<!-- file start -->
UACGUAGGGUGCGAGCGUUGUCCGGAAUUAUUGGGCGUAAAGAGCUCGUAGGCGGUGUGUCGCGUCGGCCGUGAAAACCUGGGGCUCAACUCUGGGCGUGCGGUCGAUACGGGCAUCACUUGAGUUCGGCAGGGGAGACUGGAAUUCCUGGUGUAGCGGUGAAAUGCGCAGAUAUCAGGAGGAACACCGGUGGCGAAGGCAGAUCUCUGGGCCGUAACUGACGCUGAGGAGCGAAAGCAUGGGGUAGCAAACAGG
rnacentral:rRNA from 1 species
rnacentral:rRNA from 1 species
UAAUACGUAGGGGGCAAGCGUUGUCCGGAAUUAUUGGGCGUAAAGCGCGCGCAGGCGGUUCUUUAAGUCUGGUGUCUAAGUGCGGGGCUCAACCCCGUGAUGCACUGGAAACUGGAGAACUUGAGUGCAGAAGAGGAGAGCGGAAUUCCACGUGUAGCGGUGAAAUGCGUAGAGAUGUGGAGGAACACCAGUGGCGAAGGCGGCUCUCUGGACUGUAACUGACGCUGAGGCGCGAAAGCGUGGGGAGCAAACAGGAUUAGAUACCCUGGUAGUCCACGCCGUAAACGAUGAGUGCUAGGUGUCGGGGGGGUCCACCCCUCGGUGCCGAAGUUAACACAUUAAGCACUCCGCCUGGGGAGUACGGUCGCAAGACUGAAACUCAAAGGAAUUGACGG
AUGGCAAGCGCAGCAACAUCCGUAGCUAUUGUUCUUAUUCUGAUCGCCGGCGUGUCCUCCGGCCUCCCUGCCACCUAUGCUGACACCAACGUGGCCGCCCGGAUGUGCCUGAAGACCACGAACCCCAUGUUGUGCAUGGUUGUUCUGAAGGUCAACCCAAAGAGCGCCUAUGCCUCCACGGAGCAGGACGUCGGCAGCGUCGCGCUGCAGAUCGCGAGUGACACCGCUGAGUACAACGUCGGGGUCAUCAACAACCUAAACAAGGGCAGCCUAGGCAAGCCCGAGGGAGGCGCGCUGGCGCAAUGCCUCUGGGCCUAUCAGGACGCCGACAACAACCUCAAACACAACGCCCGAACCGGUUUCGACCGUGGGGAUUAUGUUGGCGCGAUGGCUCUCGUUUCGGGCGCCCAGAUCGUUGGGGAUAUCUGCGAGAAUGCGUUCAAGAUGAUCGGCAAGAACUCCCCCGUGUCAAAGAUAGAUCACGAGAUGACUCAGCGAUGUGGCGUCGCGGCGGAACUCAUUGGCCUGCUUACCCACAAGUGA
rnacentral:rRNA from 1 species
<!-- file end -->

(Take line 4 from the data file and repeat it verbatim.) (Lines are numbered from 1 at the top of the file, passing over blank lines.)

UAAUACGUAGGGGGCAAGCGUUGUCCGGAAUUAUUGGGCGUAAAGCGCGCGCAGGCGGUUCUUUAAGUCUGGUGUCUAAGUGCGGGGCUCAACCCCGUGAUGCACUGGAAACUGGAGAACUUGAGUGCAGAAGAGGAGAGCGGAAUUCCACGUGUAGCGGUGAAAUGCGUAGAGAUGUGGAGGAACACCAGUGGCGAAGGCGGCUCUCUGGACUGUAACUGACGCUGAGGCGCGAAAGCGUGGGGAGCAAACAGGAUUAGAUACCCUGGUAGUCCACGCCGUAAACGAUGAGUGCUAGGUGUCGGGGGGGUCCACCCCUCGGUGCCGAAGUUAACACAUUAAGCACUCCGCCUGGGGAGUACGGUCGCAAGACUGAAACUCAAAGGAAUUGACGG